I agree with the critics: the present law is overly broad, inconsistently applied and antiquated. The only reason we still have it is Democrats want to tax rich people wherever they live, however slight their connection to this state and the present law is a fig leaf to justify it.

Joe Doakes

rumors that the DFL wants to tax everyone who has ever been a professional athlete in Minnesota are exaggerated.

Probably.

I’m Jumpin’ NARN Flash, It’s A Gas, Gas, Gas…

Today, the Northern Alliance Radio Network – America’s first grass-roots talk radio show – brings you the best in Minnesota conservatism, as the Twin Cities media’s sole source of honesty!

  • I’m in the studio today from 1-3.  I’ll have Senator Roger Chamberlain on, regarding the dueling Bullying Bills.  Then, we’ll talk with Kim Crockett about the ”Minnesota Exodus”, all of companies leaving Minnesota over taxes. (oops – that’s next week…)
  • Don’t forget the King Banaian Radio Show, on AM1570 “The Businessman” from 9-11AM this morning!
  • Tomorrow,  Brad Carlson is on “The Closer”!

(All times Central)

So tune in to all six hours of the Northern Alliance Radio Network, the Twin Cities’ media’s sole guardians of honest news. You have so many options:

Join us!

Tax Cuts!

SCENE:  Mitch BERG is picking up cat food at the grocery store.  Avery LIBRELLE, carrying a case of kombucha, walks past, sees BERG, and stops. 

LIBRELLE:  Hey, Merg!   University Avenue is about to get a $1.4 Billion dollar tax cut!

BERG:  (Looking for a graceful way out) Um, what now?

LIBRELLE:  The Green Line light rail is rebating 1.4 billion dollars worth of local, state and federal taxes to the consumer of Saint Paul!

BERG:  Um, we’re spending a billion and change on a light rail line. 

LIBRELLE:   Right – the taxes were paid, and then the money is being sent back to the taxpayer in the form of rail!  It’s a tax cut!

BERG:  That’s absurd. 

LIBRELLE:  And MNSure is tens of millions of taxpayer dollars being returned to Minnesota’s healthcare consumers. 

BERG:  And Information Technology companies, and business consultants.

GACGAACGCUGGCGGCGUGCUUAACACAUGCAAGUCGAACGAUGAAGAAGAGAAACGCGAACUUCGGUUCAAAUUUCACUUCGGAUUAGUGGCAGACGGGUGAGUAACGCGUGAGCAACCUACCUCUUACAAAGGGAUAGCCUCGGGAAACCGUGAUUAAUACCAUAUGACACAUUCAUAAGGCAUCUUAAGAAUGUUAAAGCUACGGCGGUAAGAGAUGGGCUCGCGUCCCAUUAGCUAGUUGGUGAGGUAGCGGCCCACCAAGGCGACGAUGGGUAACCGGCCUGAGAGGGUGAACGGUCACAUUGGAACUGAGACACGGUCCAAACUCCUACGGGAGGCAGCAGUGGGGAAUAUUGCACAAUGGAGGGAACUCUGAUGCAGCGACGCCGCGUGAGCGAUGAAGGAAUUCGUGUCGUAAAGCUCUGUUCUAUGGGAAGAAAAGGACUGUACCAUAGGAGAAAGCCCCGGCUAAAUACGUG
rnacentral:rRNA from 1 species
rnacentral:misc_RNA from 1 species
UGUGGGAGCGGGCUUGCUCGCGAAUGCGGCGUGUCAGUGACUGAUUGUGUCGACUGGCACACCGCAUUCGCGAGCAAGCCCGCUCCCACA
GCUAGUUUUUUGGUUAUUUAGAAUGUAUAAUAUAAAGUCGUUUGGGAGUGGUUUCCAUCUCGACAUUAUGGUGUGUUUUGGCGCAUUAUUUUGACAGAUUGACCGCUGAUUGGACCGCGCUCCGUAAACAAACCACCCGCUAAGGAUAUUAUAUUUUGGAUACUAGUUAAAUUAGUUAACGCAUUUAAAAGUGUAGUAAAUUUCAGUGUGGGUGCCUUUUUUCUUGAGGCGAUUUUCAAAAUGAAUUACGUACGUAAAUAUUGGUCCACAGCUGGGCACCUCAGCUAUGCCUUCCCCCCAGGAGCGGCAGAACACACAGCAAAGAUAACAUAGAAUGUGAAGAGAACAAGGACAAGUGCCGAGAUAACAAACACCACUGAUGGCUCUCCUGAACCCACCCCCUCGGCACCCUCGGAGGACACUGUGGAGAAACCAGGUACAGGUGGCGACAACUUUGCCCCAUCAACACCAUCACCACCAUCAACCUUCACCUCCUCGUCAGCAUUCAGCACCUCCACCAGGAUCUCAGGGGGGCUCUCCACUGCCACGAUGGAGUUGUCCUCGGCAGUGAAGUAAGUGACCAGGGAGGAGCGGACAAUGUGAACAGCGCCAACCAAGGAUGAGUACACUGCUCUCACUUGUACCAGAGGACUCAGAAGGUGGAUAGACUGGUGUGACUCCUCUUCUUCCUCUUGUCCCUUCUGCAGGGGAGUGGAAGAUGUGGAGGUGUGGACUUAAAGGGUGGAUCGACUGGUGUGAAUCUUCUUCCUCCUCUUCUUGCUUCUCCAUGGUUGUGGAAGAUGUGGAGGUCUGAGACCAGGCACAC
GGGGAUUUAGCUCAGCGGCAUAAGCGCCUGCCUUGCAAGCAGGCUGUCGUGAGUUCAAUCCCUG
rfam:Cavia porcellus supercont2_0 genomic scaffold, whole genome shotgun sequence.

LIBRELLE:  Exactly!  All of them are benefitting from the Tax Cuts!

BERG:  None of these are tax cuts.  All of them are government taking money from some people, and giving it to others…

LIBRELLE:   …you’re a sore loser, Merg!   Why, look at the tax cuts we’re giving to the working poor!

BERG:  “Tax cuts?”  You hiked the budget $2.1 Billion, and took over a billion extra out of the economy, and the DFL’s idea of a “tax cut” is to give a few million back to people to reinforce their DFL votes?

LIBRELLE:  Blah blah blah!  It’s tax money, and someone is getting it back!

BERG:  So giving hundreds of millions of tax dollars to Zygi Wilf is a “tax cut?”

LIBRELLE:   Is it tax money?  Is someone getting it?  It’s a tax cut!

BERG:   So the CIA and the SEALS gave Osama Bin Laden a “tax cut” when they killed him?

LIBRELLE:   Don’t be absurd!  They lowered the unemployment rate!

(And SCENE)

Strib: “Oops – Sorry About All Those Unexpected Property Tax Hikes”

If there’s a “broken record” phrase in all of Minnesota conservative alt-media, it’s “the Star Tribune is carrying the water for the DFL”.

It’s like saying “Boy, isn’t Lady Gaga weird”.  It’s the baseline.  It hardly needs to be said.

As Strib observers and critics go, I’m more jaded and cynical than most, which is another way of saying “almost cynical enough”.

But even I – who doesn’t really doubt that the Strib’s editors, and likely some “journalists”, are on the local version of “Journo-List” with the DFL, Take Action, Alliance for a Better Minnesota and Alida Messinger – wasn’t ready for the avalanche of lies and bald-faced image-shaping in this editorial.

The subtitle says it all:  ”Relief not as sizable as hoped, but help goes where it’s most needed.”

There was no relief, and the “help” was taken from most Minnesotans and given to the Minnesotans whose votes the DFL wants to buy!

It only gets worse:

As many previous statehouse politicians learned to their sorrow, local property taxes are hard to control from the Capitol. That reality has hit home to the DFLers in charge of the Legislature and the governor’s office.

 They thought they set the table in 2013 for noticeable reductions in property taxes around the state. Instead, they got mixed results and a muddled message. Total K-12 school and local government levies are up $125 million this year, giving Republican politicians the chance to crow that the DFL’s tax-suppression strategy failed.